• The 5 autism resources listed in our recent blog post are free, concise, and readily accessible. This is a great place to start.
  • Autism Speaks offers free online Family Support Tool Kits, with packets designed specifically for parents, siblings, grandparents, and friends. The Parent Support Tool Kit discusses stressors specific to mothers, fathers, and single parents, and it includes a step-by-step guide to building a strong support network for your family. The Tool Kit also addresses frequently asked questions regarding respite services, inclusive faith communities, financial assistance, and more.
  • In addition, Psychology Today blogger Dr. Darren Sush is a licensed clinical psychologist and behavior analyst. His ongoing “All The Pieces”column offers resources and support for parents.

Learn to Separate Fact from Fiction

It’s sad but true: some autism service providers make unsubstantiated claims and false promises. As a parent, it’s your job to discern what’s best for your child, and that includes deciding which protocols are worth your family’s time.

As Caroline McGraw notes in her Lowcountry Autism Consortium blog post, “How to Sift Through Autism Therapy Options”, “Even in this time of increasing awareness [and] research, and therapeutic possibilities, autism remains a territory of tremendous unknowns …. However, there are some very good options, especially when an early diagnosis is made. Most of these options center around Applied Behavior Analysis.”

ABA is a safe, effective intervention for behavior modification. As a 2007 study published in Pediatrics (the Official Journal of the American Academy of Pediatrics) states,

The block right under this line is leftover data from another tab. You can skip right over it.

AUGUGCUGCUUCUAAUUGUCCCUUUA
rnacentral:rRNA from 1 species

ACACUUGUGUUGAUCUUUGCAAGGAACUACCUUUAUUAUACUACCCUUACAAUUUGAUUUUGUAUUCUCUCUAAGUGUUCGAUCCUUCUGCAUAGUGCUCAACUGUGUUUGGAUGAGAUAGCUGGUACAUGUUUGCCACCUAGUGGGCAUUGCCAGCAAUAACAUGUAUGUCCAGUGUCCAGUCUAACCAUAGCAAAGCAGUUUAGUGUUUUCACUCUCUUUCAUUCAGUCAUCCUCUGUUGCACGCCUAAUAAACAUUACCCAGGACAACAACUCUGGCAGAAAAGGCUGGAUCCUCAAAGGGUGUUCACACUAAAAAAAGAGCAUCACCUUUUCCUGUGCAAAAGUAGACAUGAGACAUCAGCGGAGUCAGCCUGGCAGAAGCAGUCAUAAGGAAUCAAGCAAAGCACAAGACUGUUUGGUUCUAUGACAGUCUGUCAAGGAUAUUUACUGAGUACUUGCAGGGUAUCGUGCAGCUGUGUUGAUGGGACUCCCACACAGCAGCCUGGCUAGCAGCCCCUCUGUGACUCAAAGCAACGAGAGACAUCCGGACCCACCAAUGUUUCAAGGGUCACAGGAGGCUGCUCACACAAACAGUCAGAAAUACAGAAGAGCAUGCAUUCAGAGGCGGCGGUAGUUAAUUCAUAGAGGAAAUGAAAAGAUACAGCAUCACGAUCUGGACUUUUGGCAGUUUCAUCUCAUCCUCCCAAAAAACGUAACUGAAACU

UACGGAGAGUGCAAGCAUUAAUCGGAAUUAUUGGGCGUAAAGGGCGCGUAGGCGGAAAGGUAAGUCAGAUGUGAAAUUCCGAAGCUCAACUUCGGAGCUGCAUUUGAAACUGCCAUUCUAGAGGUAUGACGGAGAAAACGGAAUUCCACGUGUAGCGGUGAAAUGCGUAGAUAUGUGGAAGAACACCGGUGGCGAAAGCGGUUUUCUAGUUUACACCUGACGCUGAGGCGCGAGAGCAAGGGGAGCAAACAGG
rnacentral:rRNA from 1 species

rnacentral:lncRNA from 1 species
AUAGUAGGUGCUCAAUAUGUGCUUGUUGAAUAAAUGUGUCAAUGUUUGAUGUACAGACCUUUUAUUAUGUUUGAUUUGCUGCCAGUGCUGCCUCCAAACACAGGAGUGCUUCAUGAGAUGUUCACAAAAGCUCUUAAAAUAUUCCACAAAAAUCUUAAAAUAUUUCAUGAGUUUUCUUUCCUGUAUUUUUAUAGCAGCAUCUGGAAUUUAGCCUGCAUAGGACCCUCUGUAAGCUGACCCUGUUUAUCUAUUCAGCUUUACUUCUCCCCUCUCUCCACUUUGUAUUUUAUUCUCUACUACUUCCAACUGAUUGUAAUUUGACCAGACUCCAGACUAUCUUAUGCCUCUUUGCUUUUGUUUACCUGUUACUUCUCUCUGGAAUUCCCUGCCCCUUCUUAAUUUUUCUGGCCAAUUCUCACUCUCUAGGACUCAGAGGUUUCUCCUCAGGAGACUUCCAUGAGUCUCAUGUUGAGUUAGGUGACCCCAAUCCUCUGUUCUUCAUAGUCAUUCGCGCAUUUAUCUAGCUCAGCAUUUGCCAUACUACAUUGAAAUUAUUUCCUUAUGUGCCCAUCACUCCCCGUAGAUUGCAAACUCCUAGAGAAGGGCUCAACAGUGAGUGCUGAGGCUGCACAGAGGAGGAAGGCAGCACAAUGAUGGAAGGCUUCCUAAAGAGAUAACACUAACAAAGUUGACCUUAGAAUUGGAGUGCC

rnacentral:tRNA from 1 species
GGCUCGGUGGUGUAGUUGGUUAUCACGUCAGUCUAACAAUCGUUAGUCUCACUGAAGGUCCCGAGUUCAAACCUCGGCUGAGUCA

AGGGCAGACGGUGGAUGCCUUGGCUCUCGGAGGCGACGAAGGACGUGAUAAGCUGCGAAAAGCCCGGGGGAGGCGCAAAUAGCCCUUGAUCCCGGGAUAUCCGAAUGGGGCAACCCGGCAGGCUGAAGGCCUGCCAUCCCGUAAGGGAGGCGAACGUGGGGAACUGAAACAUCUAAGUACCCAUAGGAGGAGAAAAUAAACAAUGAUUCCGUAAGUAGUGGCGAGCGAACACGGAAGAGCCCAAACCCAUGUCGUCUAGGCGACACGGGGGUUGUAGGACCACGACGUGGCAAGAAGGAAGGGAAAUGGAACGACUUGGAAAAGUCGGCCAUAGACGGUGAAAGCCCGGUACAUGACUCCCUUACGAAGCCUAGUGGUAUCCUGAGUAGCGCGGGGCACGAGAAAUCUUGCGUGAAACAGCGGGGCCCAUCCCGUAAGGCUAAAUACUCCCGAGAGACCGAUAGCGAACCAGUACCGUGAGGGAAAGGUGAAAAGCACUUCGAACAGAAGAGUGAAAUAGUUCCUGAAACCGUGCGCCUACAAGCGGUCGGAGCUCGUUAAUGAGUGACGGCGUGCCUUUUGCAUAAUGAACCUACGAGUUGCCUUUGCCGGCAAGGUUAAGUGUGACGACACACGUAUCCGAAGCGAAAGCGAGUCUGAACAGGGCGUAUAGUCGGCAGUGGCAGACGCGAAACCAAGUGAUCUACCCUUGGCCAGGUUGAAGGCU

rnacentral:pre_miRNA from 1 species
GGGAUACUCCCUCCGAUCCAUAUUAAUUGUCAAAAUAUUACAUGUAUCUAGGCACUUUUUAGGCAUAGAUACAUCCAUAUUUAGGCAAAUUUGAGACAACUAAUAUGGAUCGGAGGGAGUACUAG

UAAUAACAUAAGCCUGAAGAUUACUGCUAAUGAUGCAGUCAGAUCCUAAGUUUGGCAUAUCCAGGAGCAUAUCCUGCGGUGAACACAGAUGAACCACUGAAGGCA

“The effectiveness of ABA-based intervention in ASDs has been well documented through 5 decades of research … and [in] controlled studies …. Children who receive early intensive behavioral treatment have been shown to make substantial, sustained gains in IQ, language, academic performance, and adaptive behavior as well as some measures of social behavior, and their outcomes have been significantly better than those of children in control groups.”

In short, ABA is a proven method for supporting the social and behavioral development of individuals with autism.

Furthermore, the Pediatrics paper also emphasizes the importance of parent and family support. Its authors note that, “Parents and siblings of children with ASDs experience more stress and depression than those of children who are typically developing or even those who have other disabilities. Supporting the family and ensuring its emotional and physical health is an extremely important aspect of overall management of ASDs.”

So, if you’re feeling overwhelmed and stressed out as a parent, plug into a support system. When you address your own concerns, you’re empowered to advocate for your child, too.

Let FirstPath Be Your Partner in Success

The choice to seek support for yourself is one of the most powerful decisions you can make as an autism parent. When you seek out relationships and resources that empower you, you give your entire family a boost. We created the FirstPath program to bridge the gap between effective ABA services and individuals with autism, and our training videos allow you to educate yourself as you teach your child.